However, features on Laiwang were gradually proven to be too similar to those on WeChat, and interest slowed down fast. Two years later, Laiwang was kicked out of the market by WeChat. Refusing to give up, Alibaba quietly launched a second social app in September 2019 named Real (如我), catered towards university students.
In the same year, China Telecom and web portal Netease released EasyChat, or Yixin (易信) in Chinese, in a joint venture. On top of other functions, the IM tool has a distinguishing feature of supporting free text or voice messages to mobile phone and fixed-line users. Right after its launch, the app became surprisingly popular, and in August 2013, it rose to become the third most-downloaded free app on Apple’s China App Store and surpassed WeChat to become the top free app in the social networking category. Today, data shows it has a little more than 3 million users.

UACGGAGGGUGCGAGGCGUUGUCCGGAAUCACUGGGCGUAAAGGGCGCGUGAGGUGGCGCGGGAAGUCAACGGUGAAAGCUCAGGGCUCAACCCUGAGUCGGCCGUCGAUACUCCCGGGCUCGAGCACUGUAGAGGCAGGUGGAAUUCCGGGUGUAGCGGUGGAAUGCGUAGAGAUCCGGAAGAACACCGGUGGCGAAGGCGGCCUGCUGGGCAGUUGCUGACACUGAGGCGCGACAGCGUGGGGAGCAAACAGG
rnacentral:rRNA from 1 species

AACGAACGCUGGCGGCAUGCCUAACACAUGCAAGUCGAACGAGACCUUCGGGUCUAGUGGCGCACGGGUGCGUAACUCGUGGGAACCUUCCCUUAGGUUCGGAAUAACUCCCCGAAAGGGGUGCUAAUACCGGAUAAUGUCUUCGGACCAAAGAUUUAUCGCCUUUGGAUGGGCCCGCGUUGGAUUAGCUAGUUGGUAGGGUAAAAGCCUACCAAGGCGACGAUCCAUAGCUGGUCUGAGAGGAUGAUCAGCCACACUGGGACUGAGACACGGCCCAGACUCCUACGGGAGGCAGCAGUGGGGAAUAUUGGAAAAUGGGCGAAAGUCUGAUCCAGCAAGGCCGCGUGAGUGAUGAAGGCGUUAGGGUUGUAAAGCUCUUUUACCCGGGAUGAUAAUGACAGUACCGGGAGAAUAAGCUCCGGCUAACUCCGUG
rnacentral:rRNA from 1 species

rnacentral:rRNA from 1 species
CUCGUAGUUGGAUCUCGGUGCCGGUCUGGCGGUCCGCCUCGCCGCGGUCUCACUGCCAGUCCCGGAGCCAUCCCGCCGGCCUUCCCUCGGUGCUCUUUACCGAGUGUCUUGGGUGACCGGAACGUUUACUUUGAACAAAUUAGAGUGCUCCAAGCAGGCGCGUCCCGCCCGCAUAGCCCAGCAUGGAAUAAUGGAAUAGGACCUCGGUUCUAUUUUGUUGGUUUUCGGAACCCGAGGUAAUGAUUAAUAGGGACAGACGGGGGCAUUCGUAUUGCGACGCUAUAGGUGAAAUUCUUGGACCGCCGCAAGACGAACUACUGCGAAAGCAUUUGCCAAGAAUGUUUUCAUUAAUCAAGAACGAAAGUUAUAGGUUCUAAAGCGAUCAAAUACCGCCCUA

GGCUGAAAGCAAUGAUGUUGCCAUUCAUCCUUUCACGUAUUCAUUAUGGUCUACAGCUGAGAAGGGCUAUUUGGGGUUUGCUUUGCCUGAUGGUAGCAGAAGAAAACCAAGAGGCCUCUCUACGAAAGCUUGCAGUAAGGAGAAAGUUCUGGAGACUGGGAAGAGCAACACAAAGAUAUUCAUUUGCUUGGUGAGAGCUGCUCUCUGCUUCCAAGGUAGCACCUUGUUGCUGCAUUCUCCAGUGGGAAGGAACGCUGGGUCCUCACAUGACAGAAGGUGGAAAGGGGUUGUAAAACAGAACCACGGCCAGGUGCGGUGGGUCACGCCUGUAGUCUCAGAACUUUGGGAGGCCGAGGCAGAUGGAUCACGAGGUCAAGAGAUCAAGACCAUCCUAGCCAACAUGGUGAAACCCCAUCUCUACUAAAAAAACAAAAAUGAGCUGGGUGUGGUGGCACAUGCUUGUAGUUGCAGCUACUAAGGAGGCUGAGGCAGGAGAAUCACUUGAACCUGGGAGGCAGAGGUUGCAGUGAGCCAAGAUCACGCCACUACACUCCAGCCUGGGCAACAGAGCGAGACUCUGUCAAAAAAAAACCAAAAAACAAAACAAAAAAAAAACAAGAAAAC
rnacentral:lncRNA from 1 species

Momo (陌陌) started in 2011 as a social networking app, but gradually evolved into a platform for online dating and live-streaming. The Nasdaq-listed company had first mover’s advantage in the online dating market, allowing users to connect with others in the same location and share free texts, audio notes, and photos.
Like many other apps, Momo enjoyed significant initial user growth, reaching 10 million users in a year but lately has been struggling with a long-term decline in revenue growth. In its Q3 2020 earnings, the company reported a decline in revenues by 15% year over year to 3.7 billion yuan ($572 million), and monthly active users were 113.6 million in September 2020, compared to 114.1 million in September 2019.
Nasdaq-listed internet security software firm Qihoo 360 launched its mobile messaging app Kouxin (口信) in September 2011, allowing Android, iOS and Symbian smartphone users to send text messages, voice messages and pictures for free. However, without an established user base and high switching costs, the app received little fanfare.
On Jan. 15, 2019, three messaging apps were launched on the same day, each believing they could take a share of the social networking pie: a revamped version of Smartisan-backed Bullet Messenger, ByteDance’s Duoshan, and Matong, which actually translates to Toilet.
Matong (马桶), a privacy-focused messaging app claiming to be the “anti-WeChat”, features anonymous communication features developed by Shenzhen-based Ringo.AI, whose founder Wang Xin launched just three weeks after finishing a 14-month prison sentence for the distribution of obscene materials via his last app Qvod.